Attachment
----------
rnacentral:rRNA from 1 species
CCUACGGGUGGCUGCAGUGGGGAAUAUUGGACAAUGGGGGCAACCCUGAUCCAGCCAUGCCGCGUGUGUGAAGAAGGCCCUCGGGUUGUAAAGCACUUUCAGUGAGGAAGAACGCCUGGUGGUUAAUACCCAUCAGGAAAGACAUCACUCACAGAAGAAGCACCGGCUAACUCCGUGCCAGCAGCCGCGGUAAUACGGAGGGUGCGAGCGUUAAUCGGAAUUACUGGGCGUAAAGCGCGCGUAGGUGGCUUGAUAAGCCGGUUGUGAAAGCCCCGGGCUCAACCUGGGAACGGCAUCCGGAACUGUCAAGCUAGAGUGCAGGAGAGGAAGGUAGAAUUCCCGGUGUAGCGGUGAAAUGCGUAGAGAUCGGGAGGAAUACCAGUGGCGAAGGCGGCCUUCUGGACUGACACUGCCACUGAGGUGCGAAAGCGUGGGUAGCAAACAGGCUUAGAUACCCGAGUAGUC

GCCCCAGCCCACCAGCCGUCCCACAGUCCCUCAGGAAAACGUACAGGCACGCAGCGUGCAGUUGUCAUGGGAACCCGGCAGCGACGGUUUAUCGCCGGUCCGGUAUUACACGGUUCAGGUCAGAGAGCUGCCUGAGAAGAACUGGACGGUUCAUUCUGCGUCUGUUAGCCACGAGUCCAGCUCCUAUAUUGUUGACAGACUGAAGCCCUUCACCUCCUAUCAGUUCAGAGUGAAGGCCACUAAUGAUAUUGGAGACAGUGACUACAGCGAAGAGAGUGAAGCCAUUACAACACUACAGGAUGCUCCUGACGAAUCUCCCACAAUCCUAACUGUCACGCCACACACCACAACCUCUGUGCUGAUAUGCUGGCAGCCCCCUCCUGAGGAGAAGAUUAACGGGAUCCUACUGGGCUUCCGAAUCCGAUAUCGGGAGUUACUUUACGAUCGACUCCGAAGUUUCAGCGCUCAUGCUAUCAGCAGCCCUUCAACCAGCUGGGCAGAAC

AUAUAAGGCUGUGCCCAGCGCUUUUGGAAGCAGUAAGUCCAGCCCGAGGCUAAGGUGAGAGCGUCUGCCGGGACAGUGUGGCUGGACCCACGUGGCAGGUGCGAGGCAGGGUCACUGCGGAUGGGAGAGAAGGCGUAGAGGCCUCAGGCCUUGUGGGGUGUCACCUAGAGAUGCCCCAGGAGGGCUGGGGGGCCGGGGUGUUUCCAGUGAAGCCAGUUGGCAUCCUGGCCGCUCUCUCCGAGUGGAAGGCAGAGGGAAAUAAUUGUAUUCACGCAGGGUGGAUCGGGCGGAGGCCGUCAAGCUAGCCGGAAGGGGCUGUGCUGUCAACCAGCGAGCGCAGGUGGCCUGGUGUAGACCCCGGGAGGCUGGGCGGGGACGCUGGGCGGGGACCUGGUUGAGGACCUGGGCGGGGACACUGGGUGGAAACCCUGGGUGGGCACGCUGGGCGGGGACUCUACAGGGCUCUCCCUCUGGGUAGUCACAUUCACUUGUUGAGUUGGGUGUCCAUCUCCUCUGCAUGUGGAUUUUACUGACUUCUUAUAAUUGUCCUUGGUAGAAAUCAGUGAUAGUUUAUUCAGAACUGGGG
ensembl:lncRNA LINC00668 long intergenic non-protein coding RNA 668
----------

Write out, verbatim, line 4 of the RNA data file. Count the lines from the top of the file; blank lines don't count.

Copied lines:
AUAUAAGGCUGUGCCCAGCGCUUUUGGAAGCAGUAAGUCCAGCCCGAGGCUAAGGUGAGAGCGUCUGCCGGGACAGUGUGGCUGGACCCACGUGGCAGGUGCGAGGCAGGGUCACUGCGGAUGGGAGAGAAGGCGUAGAGGCCUCAGGCCUUGUGGGGUGUCACCUAGAGAUGCCCCAGGAGGGCUGGGGGGCCGGGGUGUUUCCAGUGAAGCCAGUUGGCAUCCUGGCCGCUCUCUCCGAGUGGAAGGCAGAGGGAAAUAAUUGUAUUCACGCAGGGUGGAUCGGGCGGAGGCCGUCAAGCUAGCCGGAAGGGGCUGUGCUGUCAACCAGCGAGCGCAGGUGGCCUGGUGUAGACCCCGGGAGGCUGGGCGGGGACGCUGGGCGGGGACCUGGUUGAGGACCUGGGCGGGGACACUGGGUGGAAACCCUGGGUGGGCACGCUGGGCGGGGACUCUACAGGGCUCUCCCUCUGGGUAGUCACAUUCACUUGUUGAGUUGGGUGUCCAUCUCCUCUGCAUGUGGAUUUUACUGACUUCUUAUAAUUGUCCUUGGUAGAAAUCAGUGAUAGUUUAUUCAGAACUGGGG